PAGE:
When we was younger, at sleeping time I used to ask him to tell me what he felt good and bad during the day. It was like a game.
    Thanks again Elizabeth:)

    • Elizabeth says:

      Hi Aysegul, it looks to me as if you have a lovely relationship with your 14 year old son- well done! A 14-year old boy can sometimes find it difficult to talk to parents – so I love the way you are listening and talking to him. And I am delighted you enjoyed reading the article! Elizabeth

  7. Alison says:

    Hi Elizabeth, I have a son who sees criticism when I am just trying to help him or correct him with homework. He wants me to sit with him to help him but then gets very upset and annoyed if I make suggestions, explain or correct him (especially in English, maths is more definitive and therefore less of an issue). How can I make him see that it is help I am trying to give him rather than criticism?

    • Elizabeth says:

      Hi Alison – we often have the best of intentions when we try to correct our children, but children feel criticised. It is very important to notice all the little things your son does right – all the small efforts and improvements that we normally just don’t comment on. Be very specific in exactly what you are praising him for, and notice every time he persists in trying. Try to ask you son what would help, and acknowledge the frustration he feels when doing his work. If it helps offer some free or cheap rewards for success in a test or time spent working hard – it may make it easier for your son, and a lot more pleasant at home.

  8. Erin says:

    What a great read.
    I personally have difficulties dealing with my 8 year old daughters emotions at times, and I worry that the strategies that I have used in the past have caused more damage to her emotional development than good. I am so glad to have come across such simple methods, which are so easily achieved. With both practice and time, I hope to assist her in growing up to be a emotionally balanced and happy person. Thanks!

    • Elizabeth says:

      Hi Erin
      I am so glad you found the article useful, and really pleased that you took the time to leave a comment. Good luck in helping your daughter, and I truly hope that you enable her to grow up to be emotionally balanced and happy. Warm wishes, Elizabeth

  9. Amanda says:

    These are so simple and very much across the board with other strategies I’ve read about and workshops I’ve been to – all teach the same. This one is particularly easy because you have provided the language. I need to improve my own emotional intelligence and have found practicing with my children to be serious hands on learning. Do you have any suggestions for adults and their emotional intelligence. I was so easy going before having children but now struggle to keep my cool sometimes – like I’ve regressed to (near) tantrums.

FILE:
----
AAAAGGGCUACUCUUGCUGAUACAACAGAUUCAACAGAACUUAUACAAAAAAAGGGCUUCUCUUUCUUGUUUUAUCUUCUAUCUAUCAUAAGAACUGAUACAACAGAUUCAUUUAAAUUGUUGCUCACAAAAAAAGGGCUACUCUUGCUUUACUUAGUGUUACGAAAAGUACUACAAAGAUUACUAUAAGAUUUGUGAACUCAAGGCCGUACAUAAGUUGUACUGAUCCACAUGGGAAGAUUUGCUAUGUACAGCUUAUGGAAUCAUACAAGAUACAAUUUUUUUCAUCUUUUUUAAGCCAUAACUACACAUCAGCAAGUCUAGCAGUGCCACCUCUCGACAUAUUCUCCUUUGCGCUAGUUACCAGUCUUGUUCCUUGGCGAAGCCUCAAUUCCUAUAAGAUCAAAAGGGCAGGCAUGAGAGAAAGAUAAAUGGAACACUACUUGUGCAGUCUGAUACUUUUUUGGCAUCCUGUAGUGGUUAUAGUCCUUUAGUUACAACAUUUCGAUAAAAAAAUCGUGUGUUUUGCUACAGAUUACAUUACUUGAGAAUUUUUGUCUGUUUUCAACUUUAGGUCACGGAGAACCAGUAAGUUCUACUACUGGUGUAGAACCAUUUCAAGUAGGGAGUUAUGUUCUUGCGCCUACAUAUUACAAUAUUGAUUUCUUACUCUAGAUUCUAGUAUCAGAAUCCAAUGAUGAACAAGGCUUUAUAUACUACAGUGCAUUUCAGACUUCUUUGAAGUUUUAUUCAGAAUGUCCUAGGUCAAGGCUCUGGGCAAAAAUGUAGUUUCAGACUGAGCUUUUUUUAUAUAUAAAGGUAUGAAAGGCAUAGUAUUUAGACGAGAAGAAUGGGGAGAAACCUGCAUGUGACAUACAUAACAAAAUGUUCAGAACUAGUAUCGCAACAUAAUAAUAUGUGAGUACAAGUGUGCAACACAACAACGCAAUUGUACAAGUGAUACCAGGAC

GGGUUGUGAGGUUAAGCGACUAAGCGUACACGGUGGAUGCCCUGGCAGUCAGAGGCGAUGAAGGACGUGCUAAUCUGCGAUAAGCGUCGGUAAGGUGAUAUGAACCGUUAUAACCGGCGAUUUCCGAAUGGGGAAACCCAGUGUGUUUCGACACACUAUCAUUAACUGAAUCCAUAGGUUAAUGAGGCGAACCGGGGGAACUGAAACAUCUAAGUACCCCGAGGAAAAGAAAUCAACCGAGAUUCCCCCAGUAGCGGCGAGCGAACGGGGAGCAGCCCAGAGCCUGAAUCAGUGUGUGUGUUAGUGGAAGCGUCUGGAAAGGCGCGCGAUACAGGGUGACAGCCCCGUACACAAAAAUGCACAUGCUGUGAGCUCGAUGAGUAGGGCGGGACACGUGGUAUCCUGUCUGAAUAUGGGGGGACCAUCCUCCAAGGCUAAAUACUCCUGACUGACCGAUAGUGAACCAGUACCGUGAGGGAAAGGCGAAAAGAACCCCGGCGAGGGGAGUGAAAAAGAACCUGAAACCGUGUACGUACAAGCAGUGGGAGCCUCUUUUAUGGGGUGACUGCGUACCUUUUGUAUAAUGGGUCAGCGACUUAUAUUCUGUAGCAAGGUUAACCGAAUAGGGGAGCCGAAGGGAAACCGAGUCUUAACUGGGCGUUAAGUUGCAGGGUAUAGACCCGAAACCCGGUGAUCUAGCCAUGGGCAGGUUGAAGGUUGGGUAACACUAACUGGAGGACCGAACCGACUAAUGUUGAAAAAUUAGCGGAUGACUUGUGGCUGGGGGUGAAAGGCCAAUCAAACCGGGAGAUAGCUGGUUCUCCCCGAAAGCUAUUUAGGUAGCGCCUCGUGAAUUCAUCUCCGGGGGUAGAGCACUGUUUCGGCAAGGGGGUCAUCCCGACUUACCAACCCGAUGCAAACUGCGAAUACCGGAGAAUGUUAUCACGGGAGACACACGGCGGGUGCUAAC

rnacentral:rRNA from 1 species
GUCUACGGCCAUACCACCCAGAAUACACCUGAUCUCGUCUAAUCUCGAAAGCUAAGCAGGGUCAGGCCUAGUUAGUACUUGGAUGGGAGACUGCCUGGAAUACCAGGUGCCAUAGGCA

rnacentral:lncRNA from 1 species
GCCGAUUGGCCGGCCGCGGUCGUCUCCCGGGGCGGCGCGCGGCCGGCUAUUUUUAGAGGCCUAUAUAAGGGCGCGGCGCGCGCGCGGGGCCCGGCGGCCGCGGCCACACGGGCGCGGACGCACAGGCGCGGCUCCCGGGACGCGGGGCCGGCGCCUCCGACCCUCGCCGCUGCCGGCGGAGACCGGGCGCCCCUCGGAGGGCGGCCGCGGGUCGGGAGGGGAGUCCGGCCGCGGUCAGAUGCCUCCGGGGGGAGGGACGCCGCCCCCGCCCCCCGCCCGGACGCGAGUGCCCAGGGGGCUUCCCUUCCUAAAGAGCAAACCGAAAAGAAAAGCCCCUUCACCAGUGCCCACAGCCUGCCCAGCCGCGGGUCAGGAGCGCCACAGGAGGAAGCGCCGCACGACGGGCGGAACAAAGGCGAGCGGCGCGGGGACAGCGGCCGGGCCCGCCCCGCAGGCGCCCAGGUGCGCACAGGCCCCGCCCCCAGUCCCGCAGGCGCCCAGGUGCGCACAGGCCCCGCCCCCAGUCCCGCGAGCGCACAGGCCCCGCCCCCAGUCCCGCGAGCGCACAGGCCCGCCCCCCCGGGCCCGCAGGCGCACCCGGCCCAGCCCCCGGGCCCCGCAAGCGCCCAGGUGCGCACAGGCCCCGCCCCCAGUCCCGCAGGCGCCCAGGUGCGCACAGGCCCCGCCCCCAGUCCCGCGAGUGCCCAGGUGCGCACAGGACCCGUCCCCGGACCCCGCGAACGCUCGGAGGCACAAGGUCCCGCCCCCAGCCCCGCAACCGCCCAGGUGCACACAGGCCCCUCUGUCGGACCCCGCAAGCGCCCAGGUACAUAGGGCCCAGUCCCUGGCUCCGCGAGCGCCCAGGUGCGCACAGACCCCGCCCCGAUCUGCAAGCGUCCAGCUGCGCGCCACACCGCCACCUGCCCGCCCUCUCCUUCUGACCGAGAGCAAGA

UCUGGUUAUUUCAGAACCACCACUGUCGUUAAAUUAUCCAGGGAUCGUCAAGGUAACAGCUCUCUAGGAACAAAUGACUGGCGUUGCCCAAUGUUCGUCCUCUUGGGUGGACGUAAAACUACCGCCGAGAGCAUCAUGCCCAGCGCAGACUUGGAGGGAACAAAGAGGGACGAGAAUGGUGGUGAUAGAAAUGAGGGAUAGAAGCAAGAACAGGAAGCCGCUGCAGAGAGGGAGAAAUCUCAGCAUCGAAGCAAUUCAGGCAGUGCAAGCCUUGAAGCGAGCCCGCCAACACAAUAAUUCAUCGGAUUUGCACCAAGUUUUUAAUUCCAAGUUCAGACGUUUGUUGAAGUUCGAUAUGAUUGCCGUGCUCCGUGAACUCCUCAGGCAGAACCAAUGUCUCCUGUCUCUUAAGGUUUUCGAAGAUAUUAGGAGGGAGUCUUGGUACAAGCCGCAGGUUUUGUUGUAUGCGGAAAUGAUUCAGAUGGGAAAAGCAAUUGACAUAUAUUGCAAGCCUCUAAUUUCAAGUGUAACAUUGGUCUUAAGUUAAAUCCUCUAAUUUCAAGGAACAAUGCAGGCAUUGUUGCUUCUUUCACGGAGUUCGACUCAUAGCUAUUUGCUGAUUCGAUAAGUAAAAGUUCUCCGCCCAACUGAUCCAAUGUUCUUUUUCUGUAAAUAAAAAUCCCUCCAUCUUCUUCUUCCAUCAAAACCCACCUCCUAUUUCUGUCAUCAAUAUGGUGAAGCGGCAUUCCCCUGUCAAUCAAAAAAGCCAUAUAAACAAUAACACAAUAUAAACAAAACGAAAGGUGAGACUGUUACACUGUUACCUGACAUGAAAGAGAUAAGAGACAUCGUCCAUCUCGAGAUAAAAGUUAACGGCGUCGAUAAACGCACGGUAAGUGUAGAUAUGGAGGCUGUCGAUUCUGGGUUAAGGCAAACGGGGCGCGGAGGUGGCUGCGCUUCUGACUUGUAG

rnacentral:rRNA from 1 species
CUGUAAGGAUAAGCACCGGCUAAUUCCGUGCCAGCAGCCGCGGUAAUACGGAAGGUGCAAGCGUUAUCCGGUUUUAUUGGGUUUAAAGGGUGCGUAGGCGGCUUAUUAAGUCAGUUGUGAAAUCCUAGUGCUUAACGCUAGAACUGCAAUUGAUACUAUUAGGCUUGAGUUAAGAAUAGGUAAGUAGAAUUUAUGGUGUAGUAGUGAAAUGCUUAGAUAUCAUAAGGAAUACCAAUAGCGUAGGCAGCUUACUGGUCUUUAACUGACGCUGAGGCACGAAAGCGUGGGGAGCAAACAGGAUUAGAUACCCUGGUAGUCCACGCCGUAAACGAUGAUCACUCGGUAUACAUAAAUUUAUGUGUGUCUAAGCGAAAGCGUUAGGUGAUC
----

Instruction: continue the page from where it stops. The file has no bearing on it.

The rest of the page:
• Elizabeth says:

      Hi Amanda
      Thank you so much for taking the time to comment! I’m glad the examples are useful to bring it to life. I think many parents will relate to what you said about losing your cool. Children have the capacity to push our buttons, unlike anyone else we know! It is really useful to have a good think about how you would like to handle your frustrations. Many adults find imagining a pause button before they react helps. Or saying a mantra such as ‘I can stay calm. He/she’s only a child’. Leaving the room can also help – so you can gather your thoughts before reacting. If you can say ‘I’m feeling very frustrated, so I’m going to go upstairs for a minute, and come back when I have had a chance to calm down’ sets a good example for your child to follow when they feel annoyed. Good luck! Warm wishes, Elizabeth

  10. Kaly says:

    I love this blog. I also have been reading numerous resources about postive parenting. I have a very strong-willed 6 year old girl and am currently struggling with making a connection with her. she does not trust my judgement on anything, either big or small and therefore holds her ground for the fear I might just mislead her! Usually it is, “No, mom! you don’t know anything!!” followed by 2 hrs of crying! I have tried to sit with her and calmly explain, but she just becomes argumentative! feeling quite at a loss. Please help!

    • Elizabeth says:

      Dear Kaly. Thank you for your kind comment about the blog, and it sounds like you are really looking for some answers in how to deal with your daughter. Good for you. It is interesting that you seem to know exactly what is going on in your daughter’s head. Could you reflect that back to her? Maybe saying something like: ‘Hey sweetie, it must be so hard when you feel that your Mum doesn’t know anything and you don’t know what to think in case it is wrong. It sounds like it is really tough for you to know what is right and what is wrong’ And don’t add any counter arguments. Sometimes children just need their parents to understand what is going on and empathise, rather than explaining. It might just help your daughter realise you are on her side and see that she is struggling. Hopefully she won’t feel she has to cry for two hours after that! Good luck, Elizabeth

Comments are closed.